Shut Off The Fridge
In “Refrigerator Leveling” (March 2011 “House Calls,” page 20) the RVer was worried about the refrigerator becoming unlevel while the coach was being driven on hills and mountains. My answer to that would be to never run the refrigerator when you are driving. In fact, the propane tank should be shut off when driving.
Shutting off the refrigerator does not have to harm your food. We proved we could go 17 hours with only a four-degree increase in the refrigerator’s temperature while on a ferry from Newfoundland. We got the fridge super cool before turning it off, and placed cold packs in it. Of course, it was never opened during the ride.
Donna Huffer, F311369
Storing Medical Information On A USB
The “Tech & Travel Tip” titled “Medical Information” in the April 2011 issue (page 26) suggested using a USB to store one’s medical history for emergencies. This idea has been floating around the Internet for a couple of years. However, as a 30-year EMT, I can say that it will not work. Most EMS operations, hospitals, and doctors’ offices have computers, but they are hooked up to a server system. They will not allow a USB device to download data into their computer system for fear of a virus. One bad file can shut down the entire system, costing thousands to fix, not to mention the immediate effect on patient care for their entire facility.
This idea will work if a medical facility uses a stand-alone computer, but that is unlikely.
Jim Hunter, F410667
Motorhomes And Horses
I have horse-camped with my horses and motorhome for more than 15 years. It’s a great time enjoying the scenery, outside of the RV parks and freeways. Whether you camp as a couple or have “girls’ time,” it’s fun for everyone.
Many of the horse camping areas have easy access for big motorhomes, since the combination length of a truck and horse trailer requires a lot of turning space. It is not unusual to find corrals and hookups for electric and water at horse camps as well. It is the epitome of horse camping when you have your motorhome there.
It would be great to meet other FMCA members who don’t leave home without their four-legged friends. I can be contacted by email at [email protected].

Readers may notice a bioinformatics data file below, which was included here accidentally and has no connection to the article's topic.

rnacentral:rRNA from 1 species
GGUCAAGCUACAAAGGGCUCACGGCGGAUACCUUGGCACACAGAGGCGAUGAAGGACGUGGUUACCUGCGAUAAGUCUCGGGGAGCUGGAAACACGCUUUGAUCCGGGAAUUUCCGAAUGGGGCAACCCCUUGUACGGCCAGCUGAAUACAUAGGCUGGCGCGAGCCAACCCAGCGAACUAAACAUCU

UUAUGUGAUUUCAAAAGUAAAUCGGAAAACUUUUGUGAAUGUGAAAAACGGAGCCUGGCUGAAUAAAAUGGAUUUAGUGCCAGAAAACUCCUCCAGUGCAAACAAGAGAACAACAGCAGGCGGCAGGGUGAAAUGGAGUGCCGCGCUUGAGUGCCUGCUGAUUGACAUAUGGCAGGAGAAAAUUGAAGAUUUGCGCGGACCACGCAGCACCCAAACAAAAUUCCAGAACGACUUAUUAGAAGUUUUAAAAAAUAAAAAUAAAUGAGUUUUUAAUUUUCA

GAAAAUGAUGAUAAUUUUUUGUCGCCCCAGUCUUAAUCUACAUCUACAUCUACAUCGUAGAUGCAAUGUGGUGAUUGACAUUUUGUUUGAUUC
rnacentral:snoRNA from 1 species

Faith Narkiewicz, F389044
Bath, Half-Bath Locations
Motorhome designers, if you want to put a half-bath and a full bath in a motorhome, put the full bath in the middle of the coach and the half bath in the rear. Not everyone has a desire for guests to travel through their bedroom to get to the shower.
Some buyers do not want a bath-and-a-half at all. You will lose customers if you think all RVers want such useless space.
Mike Rossi, F292654
Editor’s note: In motorhomes that have rear bedroom slideouts, access to a rear full bath may be limited or impossible if that slideout is closed. A mid-coach half-bath is still accessible in those cases. However, as you said, not everyone desires two baths in the first place.
GPS No Match For Maps In Desert Locations
The other day I encountered a couple in a large Type A motorhome with a car in tow who had just driven into Death Valley National Park. They had been on about 40 miles of unpaved, washboard road because their GPS and a computer map told them to go that way. When I met them, they were headed in the opposite direction of the campground that was their intended destination. Fortunately, they met someone who gave them correct directions and they had room to turn around the vehicles. The next nearest town in the direction they were headed was 60 miles away.
The next day I read an article in The Sacramento Bee by Tom Knudson titled “Death By GPS In The Desert” (available online at www.sacbee.com). It recounts the dangers of traveling in the desert without a good paper map and some research. Inaccurate GPS and no cell phone service have led to deaths in Death Valley National Park.
As full-timers, we hope that you can share this important message with fellow FMCA members. The deserts and the national parks are amazing places that all should experience. However, be sure to plan your trip, call destinations or visit Web sites before getting on the road, and use a reliable paper map in conjunction with your GPS and computers.
Mike & Isabelle Oakley, F232508
Death Valley, California
My wife and I own a 2002 Winnebago Journey. This model came from the factory with double-pane windows. One of the smaller windows fogged up several years ago and we got a price of $700 to replace it. We decided that the location of the window did not warrant a replacement at that cost.
Last fall we noted an advertisement in Family Motor Coaching for RV Fog Doctor. They are located in Searcy, Arkansas, about ¼-mile west of U.S. 67. They have overnight parking, 50-amp power, water, and sewer. Parking is on fresh chipped stone and is fairly level.
They removed the window and tried to clean it, but they could get only one pane to clean up properly. So, they made a template and will have a pane cut and tempered for future installation. They reinstalled the window and sent us on our way at no cost.
If you have a double-pane window that is in need of repair, we highly recommend RV Fog Doctor (2210 Dodge Ave., Searcy, AR 72143; 501-278-3015; www.rvfogdr.com). They are the type of people who take pride in their work and want to see you leave satisfied. The whole crew will go out of their way to make your stay enjoyable.
Dick & Linda Johnson, F334566